Cherie and Stacie were RNs at the hospital. They tended to dad early on, while we still thought he would recover from his surgery. He was still strong enough then to be grouchy and demanding. Cherie and Stacie are both small women, but were able to get dad in and out of bed unassisted, and they were always bright and cheerful, even when he was in the foulest of moods. I could see his demands and fussing and impatience take it's toll on them, but they never let it show through to him. They were angels for my Dad, and when he ended up back in the hospital a week later, in a different ward, both came several times to see him.
Laura was a nursing student who cared for dad a couple of days on his last visit to the hospital. She was learning her craft, and had more time for dad than the regular hospital staff, so she was able to pamper him a bit, which was something he needed.
Marie was the palliative care specialist at the hospital. She spent more time with me than with Dad, but was vitally important in helping me to understand how to balance Dad's comfort with the technical concerns of the doctors. When the time came to shift from healing to hospice, she was a godsend.
Dad's doctor is one of those guys you hope will care for you if you get really sick. He spent half an hour with dad every day for 3 weeks. He kept the channel open for me to talk to him any time I needed to, and represented his profession remarkably. Marcus Welby had nothing on Dr. Kolb.
Cindy was the hospice volunteer who came to sing hymns to Dad, accompanied by her guitar and her harp. Cindy has a rich strong voice that startles you with its uniqueness and beauty when she first begins to sing, and she picked some of the songs that I remembered my parents singing together many times. Dad and I were both deeply moved by her visit. She had also sung for Mom several times during her last days as well.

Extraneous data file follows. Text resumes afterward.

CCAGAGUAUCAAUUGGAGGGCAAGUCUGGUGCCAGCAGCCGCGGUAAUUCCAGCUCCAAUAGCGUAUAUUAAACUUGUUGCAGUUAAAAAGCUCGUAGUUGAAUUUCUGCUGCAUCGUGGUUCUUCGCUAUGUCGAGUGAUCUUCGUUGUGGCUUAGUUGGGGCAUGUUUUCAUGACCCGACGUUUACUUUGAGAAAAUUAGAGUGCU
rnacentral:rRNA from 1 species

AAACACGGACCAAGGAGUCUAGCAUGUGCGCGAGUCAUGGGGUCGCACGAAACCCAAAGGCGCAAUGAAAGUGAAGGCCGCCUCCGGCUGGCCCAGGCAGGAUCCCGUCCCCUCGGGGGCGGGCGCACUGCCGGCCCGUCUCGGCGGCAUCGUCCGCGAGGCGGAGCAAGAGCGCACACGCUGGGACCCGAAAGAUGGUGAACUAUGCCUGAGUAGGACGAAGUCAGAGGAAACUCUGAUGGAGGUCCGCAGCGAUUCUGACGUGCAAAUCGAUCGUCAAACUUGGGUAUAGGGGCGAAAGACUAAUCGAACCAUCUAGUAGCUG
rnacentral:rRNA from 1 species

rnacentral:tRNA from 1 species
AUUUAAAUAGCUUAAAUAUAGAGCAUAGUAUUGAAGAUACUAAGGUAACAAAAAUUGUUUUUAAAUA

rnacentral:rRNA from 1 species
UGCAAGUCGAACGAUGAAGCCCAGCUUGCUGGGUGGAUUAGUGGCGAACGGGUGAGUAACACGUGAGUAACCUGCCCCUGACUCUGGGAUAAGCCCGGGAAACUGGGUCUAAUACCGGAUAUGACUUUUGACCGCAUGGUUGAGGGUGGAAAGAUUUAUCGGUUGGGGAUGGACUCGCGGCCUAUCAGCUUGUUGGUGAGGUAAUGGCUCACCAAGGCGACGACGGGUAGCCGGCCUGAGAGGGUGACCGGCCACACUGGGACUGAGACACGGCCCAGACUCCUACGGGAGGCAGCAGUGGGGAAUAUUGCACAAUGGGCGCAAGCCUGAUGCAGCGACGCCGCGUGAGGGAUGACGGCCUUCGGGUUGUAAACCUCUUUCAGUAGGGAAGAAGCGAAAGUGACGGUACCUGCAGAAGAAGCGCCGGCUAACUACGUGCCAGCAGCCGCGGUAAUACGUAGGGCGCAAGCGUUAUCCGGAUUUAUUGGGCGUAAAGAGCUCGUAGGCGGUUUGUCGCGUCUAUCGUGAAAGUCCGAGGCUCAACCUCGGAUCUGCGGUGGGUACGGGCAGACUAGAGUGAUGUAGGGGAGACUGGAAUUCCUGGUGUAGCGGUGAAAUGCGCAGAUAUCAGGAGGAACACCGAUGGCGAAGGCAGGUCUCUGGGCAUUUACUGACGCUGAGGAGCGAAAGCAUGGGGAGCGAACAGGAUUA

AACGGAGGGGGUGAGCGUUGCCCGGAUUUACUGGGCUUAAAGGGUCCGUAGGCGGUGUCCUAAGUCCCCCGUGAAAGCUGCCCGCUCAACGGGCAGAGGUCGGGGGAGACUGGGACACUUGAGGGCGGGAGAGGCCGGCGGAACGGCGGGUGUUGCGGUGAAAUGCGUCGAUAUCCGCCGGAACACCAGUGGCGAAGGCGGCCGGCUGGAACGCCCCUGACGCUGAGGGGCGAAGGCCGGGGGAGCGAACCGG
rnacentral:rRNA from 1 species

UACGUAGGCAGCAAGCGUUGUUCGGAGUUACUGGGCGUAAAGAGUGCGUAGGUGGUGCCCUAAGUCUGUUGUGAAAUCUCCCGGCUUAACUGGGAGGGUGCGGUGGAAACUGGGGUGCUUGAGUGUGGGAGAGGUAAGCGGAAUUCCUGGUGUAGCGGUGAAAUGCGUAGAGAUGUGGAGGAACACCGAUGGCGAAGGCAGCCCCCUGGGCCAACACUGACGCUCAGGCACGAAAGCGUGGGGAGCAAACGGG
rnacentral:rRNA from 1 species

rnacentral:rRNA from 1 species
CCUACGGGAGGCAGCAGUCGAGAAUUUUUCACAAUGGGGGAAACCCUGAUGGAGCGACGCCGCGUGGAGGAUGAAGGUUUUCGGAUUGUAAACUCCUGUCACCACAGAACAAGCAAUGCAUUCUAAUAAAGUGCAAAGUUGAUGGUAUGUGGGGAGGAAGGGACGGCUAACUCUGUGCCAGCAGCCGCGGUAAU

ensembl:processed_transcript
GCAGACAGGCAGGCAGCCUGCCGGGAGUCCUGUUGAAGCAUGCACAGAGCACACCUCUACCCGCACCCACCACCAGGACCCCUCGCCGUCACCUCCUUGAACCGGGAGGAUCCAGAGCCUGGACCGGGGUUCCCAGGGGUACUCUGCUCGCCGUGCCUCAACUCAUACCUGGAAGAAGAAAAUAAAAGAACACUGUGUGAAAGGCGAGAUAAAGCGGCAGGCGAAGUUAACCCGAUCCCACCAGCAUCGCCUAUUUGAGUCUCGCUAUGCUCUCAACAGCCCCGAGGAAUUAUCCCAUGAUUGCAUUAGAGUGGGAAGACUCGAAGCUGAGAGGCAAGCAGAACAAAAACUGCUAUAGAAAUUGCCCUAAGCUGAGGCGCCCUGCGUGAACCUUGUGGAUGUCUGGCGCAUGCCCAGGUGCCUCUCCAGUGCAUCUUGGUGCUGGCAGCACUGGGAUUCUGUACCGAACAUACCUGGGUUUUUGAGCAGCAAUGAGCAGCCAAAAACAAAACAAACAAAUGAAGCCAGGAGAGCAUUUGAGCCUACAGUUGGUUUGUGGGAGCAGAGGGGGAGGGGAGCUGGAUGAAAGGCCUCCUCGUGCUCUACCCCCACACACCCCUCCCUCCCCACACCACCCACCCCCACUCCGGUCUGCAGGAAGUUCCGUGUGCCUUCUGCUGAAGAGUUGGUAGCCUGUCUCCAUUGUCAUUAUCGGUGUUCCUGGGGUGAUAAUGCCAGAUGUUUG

Lee is a retired nurse and resident in the assisted living place where Dad lived before he was hospitalized. Two years older than Dad and born, like him, in Fort Worth TX, they had formed a strong friendship over the past couple of years. Lee came to see Dad at the hospital both times he was there, and sat for hours by his bed every day that he was at the convalescent care center once he went into hospice care. She was a true friend.
Tim is a guy about my age who befriended Dad a couple of years ago as well. Tim knows practically everyone in the assisted living and convalescence complex where Dad lived, and is loved by all. He used to take dad out for lunch or to watch rockets launch from Vandenburg AFB or to just drive around looking at the beautiful central coast scenery. Tim is one of those guys who knows the value of unconditional love, from the giving side.
Eva was a nurse who cared for Mom in her final days. She was with her when she died. Dad always had a spot in his heart for Eva, and she came to see him the two nights before he died. She remembered many details about Mom, and talked to him, reassuring him that it was time for him to go and be with her—to "drive her around", which is something they always loved to do. Then she encouraged my brother and Peggy and me to go home and get some rest, because Dad probably was waiting to be alone to die. It is a common thing for people who are dying to wait until loved ones are gone. Mom did it too.
These are a few, but by no means all of the angels who cared for Dad and our family in recent weeks. There are more than I can remember names for, and some that I never knew names for. Tiffany, Angi, Debbie, Eppi, Irene, Virgie, Mugs, Ron, Marianne, and Bonnie are a few that come to mind. And they all are representative of the selfless nurses and caregivers who work tirelessly in every corner of the earth to do this extraordinary work. It clearly is not just for the pay. They are the bright lining of the health care industry, rewarded mostly by the inner light that calls them to such work.